(talk about post hijacking!)

Andrew Bucholtz said...

Actually, according to my understanding, I think a similar sized field could potentially work for both soccer and Canadian football. Canadian football pitches are 110 yards by 65 yards (with an extra 20 yards on each end in the end zone). According to Wikipedia FIFA considers 110-120 yard by 70-80 yard pitches optimal, so both teams could potentially use the same field: you'd just remove the uprights and locate the soccer goals either on the football goal line or five yards back on each side. The area behind the soccer goals before the stands would be a little larger than normal (15-20 yards), but that isn't a huge deal, and with today's architecture, you could probably even figure out a way to have an extendable section of the stands that only comes out for soccer games. The extra width during soccer games wouldn't be a problem for football, as it requires a more extensive sideline area. There's no inherent conflict that makes a Canadian football stadium unsuitable for soccer (or vice-versa), as the Whitecaps' plan to play in B.C. Place demonstrates.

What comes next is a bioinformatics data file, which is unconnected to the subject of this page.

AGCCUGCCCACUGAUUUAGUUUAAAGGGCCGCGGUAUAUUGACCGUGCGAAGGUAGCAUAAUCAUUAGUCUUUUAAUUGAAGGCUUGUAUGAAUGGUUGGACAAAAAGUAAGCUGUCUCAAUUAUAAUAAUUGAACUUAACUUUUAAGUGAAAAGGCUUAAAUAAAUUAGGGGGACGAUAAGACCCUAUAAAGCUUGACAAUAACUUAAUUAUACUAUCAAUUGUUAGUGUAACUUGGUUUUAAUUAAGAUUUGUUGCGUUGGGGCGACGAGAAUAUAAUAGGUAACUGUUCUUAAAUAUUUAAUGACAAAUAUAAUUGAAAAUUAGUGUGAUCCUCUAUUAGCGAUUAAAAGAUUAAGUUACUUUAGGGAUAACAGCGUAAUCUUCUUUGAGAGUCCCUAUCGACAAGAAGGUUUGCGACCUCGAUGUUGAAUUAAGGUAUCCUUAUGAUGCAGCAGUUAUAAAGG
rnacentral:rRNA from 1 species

The problem with this idea, though, is it isn't soccer-specific, which MLS is huge on. The only recent expansion team to get away with using a football stadium is Seattle, and there are many other good reasons for MLS to support that plan (by the way, heard that they plan to have the season-ticketholders vote on the GM?) MLS wants soccer-specific stadiums, and they'll only overlook that if the market is incredibly attractive otherwise, which Ottawa isn't really. However, the USL probably would be okay with a combined stadium.